I think this photo deserves a dramatic retelling of the story of how, when, and where I took it:
My family and I were on a guided hike in the Rocky Mountains one chilly afternoon. Our tour guide was from the UK or something. He talked really quietly, so it was hard to understand his stories at times. This man had been a hiking tour guide for something crazy like 40 years! He was so amazing, and told all of the good stories. After an excruciating 3 hour hike up a mountain, we were finally on our way back down. It had gotten warmer througout the day, the sun was now beating through the trees. Everyone was out of breath and sweating by the time we got to this little ledge of a resting spot, we all took off our jackets and chugged some water. Standing on that cliff the wind felt refreshing rather than freezing, the actually fresh air felt good on the lungs. And the sun hurt, which was weird. I wished I had put on more sunscreen and was nervous that I was going to be miserably burnt the next day. As the ~adults~ were talking, I got bored. Remembering that I was the designated family vacation photographer for the week, I pulled out my camera and got it set up for some photos of the mountain scenery. It was absolutely breathtaking!! I live in the middle of a bunch of corn feilds, the only things I've ever seen that I consider mountains are only about 50 feet tall, if that! So REAL mountains were an absolutely astonishing sight in my eyes. I snapped a few photos of a distant snow capped mountain, zooming in with my big lens. I was able to see all of the little details in the rocks that made up the mountain. Next was the cliff edge right across from where I was standing, which is in the picture above. I took some photos zoomed in to the rocks, the trees, and the very edge of the cliff. Then I took some photos zoomed out, focused on the details in the wall of solid stone, noticing the tree roots creeping along the edges. As we began hiking again, I kept my camera out, risking dropping it into the snow because I didn't bring the neck strap. I got so many amazing photos of that moment in our vacation. Not all of them have been deemed worthy to sell, but they are a constant reminder of what that experience was like for me. I remember all of this in great detail. It was one of the coolest (most painful) experiences of my life. And I am so happy I was able to capture these moments.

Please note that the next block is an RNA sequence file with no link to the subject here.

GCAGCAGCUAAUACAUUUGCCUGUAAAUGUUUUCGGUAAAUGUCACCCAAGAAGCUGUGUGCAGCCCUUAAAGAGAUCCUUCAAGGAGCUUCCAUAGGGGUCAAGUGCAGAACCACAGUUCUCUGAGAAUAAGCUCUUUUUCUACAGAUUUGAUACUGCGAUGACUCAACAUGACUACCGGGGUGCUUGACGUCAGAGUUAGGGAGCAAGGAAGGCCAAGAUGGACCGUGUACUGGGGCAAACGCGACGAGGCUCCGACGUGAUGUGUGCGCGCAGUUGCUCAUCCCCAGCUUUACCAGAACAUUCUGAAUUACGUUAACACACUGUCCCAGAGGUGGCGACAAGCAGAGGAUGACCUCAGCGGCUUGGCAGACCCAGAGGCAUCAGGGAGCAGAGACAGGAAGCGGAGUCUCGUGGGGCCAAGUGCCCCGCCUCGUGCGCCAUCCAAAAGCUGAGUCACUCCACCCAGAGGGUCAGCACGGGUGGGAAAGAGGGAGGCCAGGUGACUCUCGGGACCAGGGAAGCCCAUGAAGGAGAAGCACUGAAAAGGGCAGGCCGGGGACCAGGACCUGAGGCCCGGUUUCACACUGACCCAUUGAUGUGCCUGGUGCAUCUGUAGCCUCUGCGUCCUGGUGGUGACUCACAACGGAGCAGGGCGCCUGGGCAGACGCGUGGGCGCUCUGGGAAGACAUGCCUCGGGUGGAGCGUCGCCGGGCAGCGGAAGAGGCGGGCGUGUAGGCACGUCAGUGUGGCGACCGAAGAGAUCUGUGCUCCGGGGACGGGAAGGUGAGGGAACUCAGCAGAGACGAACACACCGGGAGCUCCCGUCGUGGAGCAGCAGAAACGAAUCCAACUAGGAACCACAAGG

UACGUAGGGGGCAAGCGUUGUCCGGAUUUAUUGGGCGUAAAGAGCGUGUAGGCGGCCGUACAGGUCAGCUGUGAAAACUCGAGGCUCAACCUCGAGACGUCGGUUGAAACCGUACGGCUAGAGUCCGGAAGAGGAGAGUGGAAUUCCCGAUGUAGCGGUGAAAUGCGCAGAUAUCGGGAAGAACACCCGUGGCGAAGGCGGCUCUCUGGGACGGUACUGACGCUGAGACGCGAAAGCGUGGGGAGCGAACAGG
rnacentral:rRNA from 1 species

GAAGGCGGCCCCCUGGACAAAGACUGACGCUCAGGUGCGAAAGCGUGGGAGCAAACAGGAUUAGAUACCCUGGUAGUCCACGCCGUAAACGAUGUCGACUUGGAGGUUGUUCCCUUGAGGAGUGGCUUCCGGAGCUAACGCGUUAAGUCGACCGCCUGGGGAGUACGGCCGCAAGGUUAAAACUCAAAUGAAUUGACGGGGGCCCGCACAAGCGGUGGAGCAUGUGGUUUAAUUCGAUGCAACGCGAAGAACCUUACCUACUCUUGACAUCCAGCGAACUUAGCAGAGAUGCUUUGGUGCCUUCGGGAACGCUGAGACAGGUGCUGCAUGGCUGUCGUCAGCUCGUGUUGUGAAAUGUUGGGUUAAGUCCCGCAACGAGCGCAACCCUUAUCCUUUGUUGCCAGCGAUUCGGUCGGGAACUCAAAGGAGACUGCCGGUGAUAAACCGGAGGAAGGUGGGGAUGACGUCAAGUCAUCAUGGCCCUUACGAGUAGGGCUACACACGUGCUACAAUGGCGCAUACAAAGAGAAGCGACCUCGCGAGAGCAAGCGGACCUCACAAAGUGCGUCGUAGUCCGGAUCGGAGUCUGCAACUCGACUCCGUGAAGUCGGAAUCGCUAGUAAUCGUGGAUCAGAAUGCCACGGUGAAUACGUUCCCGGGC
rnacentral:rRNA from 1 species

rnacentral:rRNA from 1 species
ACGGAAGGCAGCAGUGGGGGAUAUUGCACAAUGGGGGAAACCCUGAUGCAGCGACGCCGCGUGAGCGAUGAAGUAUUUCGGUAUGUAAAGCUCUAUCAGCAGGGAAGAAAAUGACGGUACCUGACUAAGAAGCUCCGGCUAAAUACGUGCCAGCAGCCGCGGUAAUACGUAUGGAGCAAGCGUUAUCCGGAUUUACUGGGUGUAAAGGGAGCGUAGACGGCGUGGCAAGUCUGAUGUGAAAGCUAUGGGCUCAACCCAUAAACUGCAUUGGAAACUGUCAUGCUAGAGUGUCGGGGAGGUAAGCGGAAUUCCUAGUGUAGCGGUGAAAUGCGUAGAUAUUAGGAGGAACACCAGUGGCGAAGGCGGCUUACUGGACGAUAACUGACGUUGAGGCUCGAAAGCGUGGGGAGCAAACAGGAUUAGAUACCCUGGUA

Did you like my story? Because I liked writing it! I feel like these stories are getting longer and longer t he more I write. Maybe I should write a book...?
The biggest thing I love about this photo is the layers and depth. I say this about a lot of my photos, that I love the depth. I guess that's the biggest thing I love about my photography. Unless that's normal, and I'm just finally getting good at something I love doing....
The colors are also something I think is amazing about this photo in particular. They're pretty toned down, but they tell so much. You can see the green in the trees, indicating that they're healthy. The shades of brown and orange in the rocks, showing all of the little bumps and imperfections in the surfaces. The blue sky and bright white coulds, showing how beautiful that day truly was.
This photo would be good for such things as the following:
~ Desktop background
~ Phone background
~ Home decor
~ Room decor
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In conclusion, be nice, don't steal, and be kind and considerate to a struggling artist, photographer, crocheter, and small business owner. Thank you.
I, Bear, personally capture all of my photos whilst on family vacations, walks, everyday strolls, and short outings. My favorite photos to take are sunsets and flowers! I take them with my Nikon camera.
Cliffs in the Rocky Mountains - Digital Download
~ File Type: JPG
~ Downloaded photo does not come with the watermark.
~ For personal use ONLY.
~ Refunds are not applicable to digital photos.